Is Your Customer With You?

I sat in on a sales training session last week and was reminded of this post I did a while back. It’s one of my favorite technical posts. Getting to the sale takes commitment from your customer as much as it takes effort from you. Are you willing to ask for it?

—————from the archive March 18th, 2009———–


Traditionally, sales people struggle with accurately understanding where they are in a sales cycle. How many times have we heard, the deal is closing in X days or weeks and it doesn’t? There are tons of reasons why this happens, everything from overly optimistic sales folks, poor account management skills or customers who never had an intention to buy, but just strung the account team along. However, one of the main reasons for this is the actual sales cycle itself is NOT in alignment with the actual selling effort.

The traditional sale cycle is not linear, yet most organizations use a linear sale process to track sales. Using a sales process consisting of gates, they assume a linear progression of effort and time from left to right or “prospect” to “close”, using gates to mark progress.

Linear Sales Cycle

Linear Sales Cycle

The problem with a linear approach is it does not account for effort and the involvement of the customer. A real life sales cycle or process requires customer involvement and “yes’s.” All sales cycles entail a serious of “yes’s” from the prospect or clients. These yes’s represent agreement of the customer to participate in the sales cycle with you and that you have met their needs to date. It’s like a myriad of sales within in the sale. Every phase, from contact to close, in the sales cycle entails yes’s. In the prospect phase, it may be a yes to meet or to share critical information. In the opportunity phase it may be a yes to a proof of concept or access to the decision criteria and decision makers. No matter what stage one is in the sales cycle and how much effort the sales person puts in, with out the yes, a sale can not progress.

Sales cycles therefore need to measure the level of effort with the ability to gain client yes’s, as each yes moves the sale closer to close.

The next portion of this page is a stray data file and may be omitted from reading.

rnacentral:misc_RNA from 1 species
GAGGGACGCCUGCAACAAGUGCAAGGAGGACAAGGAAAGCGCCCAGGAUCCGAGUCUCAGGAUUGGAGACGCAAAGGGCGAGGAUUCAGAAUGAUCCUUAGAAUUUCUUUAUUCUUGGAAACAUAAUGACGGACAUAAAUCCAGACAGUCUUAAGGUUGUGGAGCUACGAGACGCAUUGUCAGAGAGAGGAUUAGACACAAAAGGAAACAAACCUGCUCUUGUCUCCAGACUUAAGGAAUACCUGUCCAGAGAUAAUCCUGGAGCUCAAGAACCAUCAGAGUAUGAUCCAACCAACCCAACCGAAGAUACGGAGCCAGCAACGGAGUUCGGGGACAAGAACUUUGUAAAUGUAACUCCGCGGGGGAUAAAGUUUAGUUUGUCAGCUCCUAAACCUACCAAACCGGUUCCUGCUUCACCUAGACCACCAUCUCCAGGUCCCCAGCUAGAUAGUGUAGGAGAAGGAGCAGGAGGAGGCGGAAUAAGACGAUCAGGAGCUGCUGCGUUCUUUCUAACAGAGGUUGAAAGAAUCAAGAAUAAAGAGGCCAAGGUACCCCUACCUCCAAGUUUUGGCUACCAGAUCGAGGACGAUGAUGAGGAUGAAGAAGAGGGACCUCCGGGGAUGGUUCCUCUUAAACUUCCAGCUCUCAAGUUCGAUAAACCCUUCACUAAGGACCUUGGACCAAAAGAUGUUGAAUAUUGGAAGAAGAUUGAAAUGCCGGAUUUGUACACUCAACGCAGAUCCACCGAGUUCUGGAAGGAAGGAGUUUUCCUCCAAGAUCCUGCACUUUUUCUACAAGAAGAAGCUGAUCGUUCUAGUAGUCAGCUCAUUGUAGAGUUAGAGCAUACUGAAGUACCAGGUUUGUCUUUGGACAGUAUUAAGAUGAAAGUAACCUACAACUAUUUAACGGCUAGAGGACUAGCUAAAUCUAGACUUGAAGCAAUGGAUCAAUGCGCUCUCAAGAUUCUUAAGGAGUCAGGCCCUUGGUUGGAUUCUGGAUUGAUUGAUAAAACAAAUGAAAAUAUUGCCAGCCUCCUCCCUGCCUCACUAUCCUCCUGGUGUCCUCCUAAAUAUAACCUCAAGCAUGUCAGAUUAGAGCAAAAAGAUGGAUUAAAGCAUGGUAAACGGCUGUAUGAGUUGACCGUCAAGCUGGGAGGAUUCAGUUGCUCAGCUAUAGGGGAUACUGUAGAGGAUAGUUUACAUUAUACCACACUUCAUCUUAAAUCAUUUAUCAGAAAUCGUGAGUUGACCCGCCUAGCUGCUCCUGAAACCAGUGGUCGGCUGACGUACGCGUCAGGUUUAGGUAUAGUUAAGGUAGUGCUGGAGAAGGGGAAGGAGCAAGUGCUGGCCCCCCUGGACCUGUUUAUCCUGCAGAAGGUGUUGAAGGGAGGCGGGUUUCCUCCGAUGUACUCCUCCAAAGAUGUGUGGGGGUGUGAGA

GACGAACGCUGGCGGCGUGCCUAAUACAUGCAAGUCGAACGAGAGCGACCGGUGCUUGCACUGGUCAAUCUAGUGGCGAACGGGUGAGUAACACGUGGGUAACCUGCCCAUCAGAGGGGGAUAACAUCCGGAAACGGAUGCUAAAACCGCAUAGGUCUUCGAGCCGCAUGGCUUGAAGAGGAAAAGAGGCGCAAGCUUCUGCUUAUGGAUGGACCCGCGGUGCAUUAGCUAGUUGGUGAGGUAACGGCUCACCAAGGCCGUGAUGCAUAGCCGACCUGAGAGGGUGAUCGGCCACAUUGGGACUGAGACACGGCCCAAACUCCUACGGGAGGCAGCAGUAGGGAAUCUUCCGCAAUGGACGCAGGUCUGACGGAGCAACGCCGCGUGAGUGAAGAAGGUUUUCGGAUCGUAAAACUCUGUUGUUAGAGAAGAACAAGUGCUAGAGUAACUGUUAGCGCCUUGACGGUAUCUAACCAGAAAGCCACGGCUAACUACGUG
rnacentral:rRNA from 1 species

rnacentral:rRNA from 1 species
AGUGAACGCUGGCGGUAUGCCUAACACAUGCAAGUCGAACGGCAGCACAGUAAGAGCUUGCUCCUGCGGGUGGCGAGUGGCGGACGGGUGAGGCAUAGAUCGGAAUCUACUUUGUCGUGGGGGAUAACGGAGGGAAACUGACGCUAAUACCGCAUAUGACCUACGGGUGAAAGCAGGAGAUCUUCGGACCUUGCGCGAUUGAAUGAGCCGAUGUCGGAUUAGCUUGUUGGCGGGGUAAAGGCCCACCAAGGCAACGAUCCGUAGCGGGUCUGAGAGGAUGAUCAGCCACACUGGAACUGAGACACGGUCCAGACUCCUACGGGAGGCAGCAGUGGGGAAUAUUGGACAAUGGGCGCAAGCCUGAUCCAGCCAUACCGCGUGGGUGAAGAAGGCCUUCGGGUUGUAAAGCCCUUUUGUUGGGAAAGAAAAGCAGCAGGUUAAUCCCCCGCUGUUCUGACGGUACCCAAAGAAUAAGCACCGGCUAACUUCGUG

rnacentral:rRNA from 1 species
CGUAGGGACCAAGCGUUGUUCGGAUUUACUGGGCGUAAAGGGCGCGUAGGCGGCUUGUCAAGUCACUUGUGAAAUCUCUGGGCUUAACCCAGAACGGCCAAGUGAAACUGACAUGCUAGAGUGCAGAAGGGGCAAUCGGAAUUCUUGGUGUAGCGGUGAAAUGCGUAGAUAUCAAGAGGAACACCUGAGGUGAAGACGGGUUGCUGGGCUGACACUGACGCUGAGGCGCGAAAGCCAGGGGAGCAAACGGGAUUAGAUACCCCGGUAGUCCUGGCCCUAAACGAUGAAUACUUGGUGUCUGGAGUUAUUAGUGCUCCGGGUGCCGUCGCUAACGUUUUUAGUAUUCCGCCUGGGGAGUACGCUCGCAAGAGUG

As illustrated above, the effort of a sales person does little to get them closer to the sale, without the yes of the prospect. Understanding this, it is critical for sales people to manage their effort to be in alignment with the return of a customers yes. A sale person or sales team can spend a lot of effort “climbing the pole” but are doing little to get closer to the sales. Sales teams need to balance effort with the return on the yes they are looking for. A week long, all hands on deck effort to gain a yes that only moves you slightly closer to the deal closing is not a good investment. Break down the efforts, be clear in how the efforts will drive you closer to the sale and deliver an appropriate return on sales effort (ROSE).

The Customer or prospect plays a huge role in this analysis. Not only are they the keepers of the yes, a sale can not be made if they are not working with you as well. Yes, our prospects and customers are part of the sales cycle and have to put some skin in the game. Unfortunately, many good sales people don’t recognize this and thus create an imbalanced sales cycle. Unbalanced sales cycles are destined to failure; the prospect has no commitment or skin in the game.


Far too often sales people and their teams, “cater” to their prospects or customers, seeing their job as caretakers responding to the needs of their clients. This is a death trap. You can’t confuse customer service with selling. The customer/prospect has the vision, the information, and knowledge that is critical to the sale being successful. Imagine being a car salesman and having a customer who won’t take a test drive. Or a retail clerk, who has someone who won’t try on the clothes. Probability of sale is a lot lower and therefore the clerk and car salesman need to be very careful how much time they invest in these customers. The amount of effort customers/prospects put into your sales cycle is a critical indicator of their commitment to buy. There is a certain level of work both the sales person and the prospect must perform together for any sales cycle to be efficient and successful. I call it “The Dance”. The Dance is an intimate collaboration of effort, and commitment targeted toward maximizing value. Learning how to execute a Balanced Sale Cycle will drastically increase the ability of the deal to close. Why? The customer is as committed and bought in as you.


Requests of your prospects or customers are critical to creating a balanced sales cycle. Asking your prospect or customer for things you need to be successful will help you assess their commitment to buying. Asking your prospect or customer to give you critical information, or access to important people, or to escalate an issue etc. is not only OK, but a must. Getting prospects and customers to work and put in the effort is the key to a good balanced sales cycle.

What do you expect from your customers? Do you make requests from them? Do you expect them to work as hard as you? Do you see their involvement in the process as important if not more than yours? If you do you will find making your numbers a lot easier.

Don’t be out of wack!